Strategic levers of port authorities for industrial ecosystem development
- 305 Downloads
Major ports such as Rotterdam, Antwerp, Houston and Singapore’s Jurong Port host large industrial complexes of (petro)chemical and other energy-intensive process industry firms. Port authorities face the challenge to contribute to both greater international competitiveness and better environmental performance of these complexes. The development of industrial ecosystems, in which firms located in port areas use one another’s residual energy and chemical effluents as input for their own production process, appears to be a promising strategic response to this challenge. In this article, we contribute to port research by examining how port authorities can foster this development within their port-industrial complex. We present a case study of the Port of Rotterdam to empirically capture how the Port of Rotterdam Authority has done so in the last decade by strategically making use of two generic types of policy instruments: (i) investments in physical and knowledge infrastructure and (ii) land allocation. On the basis of the case study and previous literature, we derive a set of strategic levers of port authorities to foster industrial ecosystem development. We discuss implications and challenges for port authorities.
Keywordsport-industrial complexes port authority strategic levers competitiveness environmental performance industrial ecosystems
The article has benefited from the reviewers’ comments and the guidance of the guest editors. We acknowledge the cooperation with the Port of Rotterdam Authority and in particular with its Corporate Strategy Department. This research has been conducted in the context of the PhD research of the first author, which has been funded by the Port of Rotterdam Authority and which is part of the SmartPort knowledge collaboration between the Erasmus University Rotterdam, the Port of Rotterdam Authority, the City of Rotterdam and Deltalinqs.
- Brooks, M.R. and Cullinane, K. (eds.) (2006) Devolution, Port Governance and Port Performance, Vol. 17 Amsterdam: JAI Press (Elsevier).Google Scholar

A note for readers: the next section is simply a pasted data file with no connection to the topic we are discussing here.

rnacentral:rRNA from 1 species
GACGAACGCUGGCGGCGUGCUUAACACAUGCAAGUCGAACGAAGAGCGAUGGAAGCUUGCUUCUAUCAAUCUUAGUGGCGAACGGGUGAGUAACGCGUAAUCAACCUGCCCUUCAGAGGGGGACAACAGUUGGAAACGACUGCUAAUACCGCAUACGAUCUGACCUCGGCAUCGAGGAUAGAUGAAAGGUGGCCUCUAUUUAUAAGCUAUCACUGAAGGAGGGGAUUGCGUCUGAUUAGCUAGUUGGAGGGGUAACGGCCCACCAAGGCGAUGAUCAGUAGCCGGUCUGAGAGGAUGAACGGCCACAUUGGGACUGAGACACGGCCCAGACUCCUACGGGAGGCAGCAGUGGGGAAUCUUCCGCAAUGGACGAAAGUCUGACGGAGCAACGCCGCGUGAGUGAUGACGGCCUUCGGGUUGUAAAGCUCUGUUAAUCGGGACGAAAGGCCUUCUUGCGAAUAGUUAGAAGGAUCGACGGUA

- Hollen, R.M.A., Van den Bosch, F.A.J. and Volberda, H.W. (2013a) Business model innovation of the Port of Rotterdam Authority (2000–2012). In: B. Kuipers and R. Zuidwijk (eds.) Smart Port Perspectives: Essays in Honour of Hans Smits. Rotterdam, the Netherlands: Erasmus Smart Port Rotterdam, pp. 29–47, ISBN: 978-90-819767-1-8.Google Scholar
- Mangan, A. and Olivetti, E. (2010) By-product synergy networks: Driving innovation through waste reduction and carbon mitigation. In: J. Harmsen and J.B. Powell (eds.) Sustainable Development in the Process Industries: Cases and Impact. Hoboken, NJ: John Wiley & Sons, pp. 81–108.CrossRefGoogle Scholar
- Mirata, M. (2004) Experiences from early stages of a national industrial symbiosis programme in the UK: Determinants and coordination challenges. Journal of Cleaner Production 12 (8–10): 993–1002.Google Scholar
- OECD. (2013) The Competitiveness of Global Port-Cities: Synthesis Report.Google Scholar
- Port of Rotterdam Authority. (2012) Port Vision 2030: Port Compass.Google Scholar
- Richards, D.L. and Pearson, G.P. (eds.) (1998) The Ecology of Industry: Sectors and Linkages. Washington DC: National Academy Press.Google Scholar
- Van den Bosch, F.A.J., Hollen, R.M.A., Volberda, H.W. and Baaij, M.G. (2011) The Strategic Value of the Port of Rotterdam for the International Competitiveness of the Netherlands: A First Exploration. Rotterdam, the Netherlands: INSCOPE/RSM Erasmus University, ISBN: 978-90-817220-2-5.Google Scholar
- WCED (World Commission on Environment and Development). (1987) Our Common Future. Oxford, UK: Oxford University Press.Google Scholar
- World Bank. (2007) Port Reform Toolkit Module 3: Alternative Port Management Structures and Ownership Models. Washington DC: World Bank.Google Scholar
- Yin, R.K. (2009) Case Study Research: Design and Methods, 4th edn. Thousand Oaks, CA: Sage.Google Scholar